If she is able to prove copying, Bhagat’s claim that he has never met Bajpai or read any of her works will not be a defence to copyright infringement. One can be held liable for plagiarism which is unintentional or done unconsciously, with Bajpai being entitled to a permanent injunction preventing further sales of Bhagat’s books and compensatory damages for infringement.

Injunctive relief

In a shoddy order that fails to clearly disclose the reasons for its decision, the District Judge has granted a temporary injunction in Bajpai’s favour, restraining the sales of the book. One can only surmise that the court has concluded, having read both the books, that Bajpai has made out a prima facie case for infringement as this is one of the key requirements for the grant of a temporary injunction. Another requirement is that Bajpai would suffer irreparable injury if the injunction is not granted.

This requirement is clearly not satisfied, as an irreparable injury is defined as one which cannot adequately be compensated by damages. If Bajpai is in fact successful in proving that Bhagat copied her work, damages can easily be calculated. The final requirement is to weigh up whether the plaintiff or the defendant is likely to be more inconvenienced by the grant of the temporary injunction. Clearly Bhagat is likely to suffer the greater hardship, as his publishers will now have to recall thousands of copies of the book and halt sales.

Bhagat’s lawyers will likely approach the Karnataka High Court – if they haven’t done so already – seeking to appeal the temporary injunction that has been granted by the District Judge, especially considering it was obtained ex-parte i.e. without hearing Bhagat’s lawyers. Once the matter is before the High Court, Bhagat’s lawyers are likely to argue that a prima facie case has not been made out and the injunction has been granted on insufficient grounds. Bhagat’s lawyers are also likely to claim compensation under Section 95 of the Code of Civil Procedure for the reputational damage caused to him by Bajpai’s actions in obtaining the temporary injunction.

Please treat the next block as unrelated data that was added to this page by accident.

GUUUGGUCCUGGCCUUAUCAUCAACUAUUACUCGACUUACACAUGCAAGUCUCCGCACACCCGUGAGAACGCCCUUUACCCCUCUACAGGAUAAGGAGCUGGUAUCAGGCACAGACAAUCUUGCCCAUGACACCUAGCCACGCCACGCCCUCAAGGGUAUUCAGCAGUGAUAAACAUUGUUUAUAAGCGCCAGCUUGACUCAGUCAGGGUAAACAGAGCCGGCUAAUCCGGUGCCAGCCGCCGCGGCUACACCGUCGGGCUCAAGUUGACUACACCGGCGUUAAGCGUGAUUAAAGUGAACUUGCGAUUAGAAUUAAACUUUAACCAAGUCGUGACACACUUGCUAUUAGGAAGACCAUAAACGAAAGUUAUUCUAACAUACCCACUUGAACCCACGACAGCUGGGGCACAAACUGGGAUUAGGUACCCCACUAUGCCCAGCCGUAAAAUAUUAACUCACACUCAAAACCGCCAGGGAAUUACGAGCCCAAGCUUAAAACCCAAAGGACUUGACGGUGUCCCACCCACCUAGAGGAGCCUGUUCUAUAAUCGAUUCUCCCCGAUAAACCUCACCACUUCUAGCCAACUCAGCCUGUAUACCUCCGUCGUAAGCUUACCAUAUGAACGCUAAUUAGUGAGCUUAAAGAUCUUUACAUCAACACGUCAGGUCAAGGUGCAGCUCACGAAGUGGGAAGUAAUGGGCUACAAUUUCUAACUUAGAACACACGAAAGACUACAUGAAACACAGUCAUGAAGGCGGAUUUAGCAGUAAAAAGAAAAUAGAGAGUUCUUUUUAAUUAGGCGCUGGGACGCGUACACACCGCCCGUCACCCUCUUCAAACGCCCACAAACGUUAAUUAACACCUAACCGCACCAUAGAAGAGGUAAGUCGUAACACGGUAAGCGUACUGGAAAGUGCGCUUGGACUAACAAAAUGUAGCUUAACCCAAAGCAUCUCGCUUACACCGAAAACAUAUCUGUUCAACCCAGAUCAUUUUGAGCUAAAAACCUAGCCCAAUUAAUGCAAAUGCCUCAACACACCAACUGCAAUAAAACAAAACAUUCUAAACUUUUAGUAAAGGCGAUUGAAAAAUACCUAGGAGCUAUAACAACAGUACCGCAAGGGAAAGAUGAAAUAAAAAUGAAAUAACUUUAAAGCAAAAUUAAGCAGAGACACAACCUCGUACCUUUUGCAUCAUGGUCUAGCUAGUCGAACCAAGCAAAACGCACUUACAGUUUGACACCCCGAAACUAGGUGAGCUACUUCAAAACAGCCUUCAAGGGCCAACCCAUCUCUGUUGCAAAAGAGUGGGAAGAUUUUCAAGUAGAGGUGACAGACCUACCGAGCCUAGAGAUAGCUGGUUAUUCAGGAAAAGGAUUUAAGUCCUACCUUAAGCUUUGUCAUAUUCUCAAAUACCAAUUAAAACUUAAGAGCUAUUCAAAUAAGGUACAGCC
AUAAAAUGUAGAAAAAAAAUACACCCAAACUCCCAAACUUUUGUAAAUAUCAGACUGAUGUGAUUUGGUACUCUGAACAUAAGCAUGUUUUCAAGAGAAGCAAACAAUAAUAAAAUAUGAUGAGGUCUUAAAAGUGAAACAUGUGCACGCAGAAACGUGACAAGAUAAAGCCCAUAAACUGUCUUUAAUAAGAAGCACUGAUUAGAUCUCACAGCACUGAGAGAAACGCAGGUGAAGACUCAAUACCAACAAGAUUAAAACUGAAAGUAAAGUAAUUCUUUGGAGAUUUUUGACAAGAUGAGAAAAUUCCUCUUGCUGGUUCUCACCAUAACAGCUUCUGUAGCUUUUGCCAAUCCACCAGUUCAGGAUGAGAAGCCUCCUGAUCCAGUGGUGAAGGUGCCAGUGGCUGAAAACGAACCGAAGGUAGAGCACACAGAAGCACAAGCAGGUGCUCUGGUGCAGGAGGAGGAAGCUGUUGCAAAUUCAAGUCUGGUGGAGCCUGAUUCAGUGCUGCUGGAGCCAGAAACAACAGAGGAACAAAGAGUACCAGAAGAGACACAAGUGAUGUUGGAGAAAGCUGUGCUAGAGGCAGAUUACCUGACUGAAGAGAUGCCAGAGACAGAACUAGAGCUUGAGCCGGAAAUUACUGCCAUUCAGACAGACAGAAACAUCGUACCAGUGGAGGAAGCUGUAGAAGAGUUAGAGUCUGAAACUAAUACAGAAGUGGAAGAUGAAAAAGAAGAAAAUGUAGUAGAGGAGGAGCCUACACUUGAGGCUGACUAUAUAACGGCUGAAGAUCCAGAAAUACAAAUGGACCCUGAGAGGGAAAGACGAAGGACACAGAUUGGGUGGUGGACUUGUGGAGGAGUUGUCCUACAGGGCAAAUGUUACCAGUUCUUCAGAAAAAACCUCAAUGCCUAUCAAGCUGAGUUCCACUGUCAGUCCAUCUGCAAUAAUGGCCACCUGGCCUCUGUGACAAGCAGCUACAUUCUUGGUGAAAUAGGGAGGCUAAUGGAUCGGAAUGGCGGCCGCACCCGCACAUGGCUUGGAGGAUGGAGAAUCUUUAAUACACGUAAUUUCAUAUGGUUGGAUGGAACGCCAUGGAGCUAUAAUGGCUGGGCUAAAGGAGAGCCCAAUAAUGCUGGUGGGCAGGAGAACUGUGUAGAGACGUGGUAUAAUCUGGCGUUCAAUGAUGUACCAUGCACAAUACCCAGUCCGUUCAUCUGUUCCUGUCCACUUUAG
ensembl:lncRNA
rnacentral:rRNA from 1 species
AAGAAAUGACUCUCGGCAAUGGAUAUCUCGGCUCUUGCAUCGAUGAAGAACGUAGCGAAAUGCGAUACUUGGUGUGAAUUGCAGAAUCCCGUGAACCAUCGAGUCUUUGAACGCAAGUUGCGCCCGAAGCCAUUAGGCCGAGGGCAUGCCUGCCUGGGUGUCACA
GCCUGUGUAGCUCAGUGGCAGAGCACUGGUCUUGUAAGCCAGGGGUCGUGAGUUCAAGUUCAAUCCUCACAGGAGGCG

Having read excerpts from both books, one can safely say that Bajpai has her task cut out in proving plagiarism on Bhagat’s part. The Supreme Court has emphatically stated that where there is no textual copying and there are differences in literary style, similarities of the same general nature in a narrative of a long, complicated search for something – in the case of the two female protagonists, it is a search for their true “inner self” – does not indicate infringement.

Bhagat’s inimitable literary style, in addition to making him India’s bestselling English language novelist and earning him a place on the Delhi University syllabus, will probably ensure that he is cleared of plagiarism.

Abhishek Sudhir is the founder of Sudhir Law Review, a legal education website.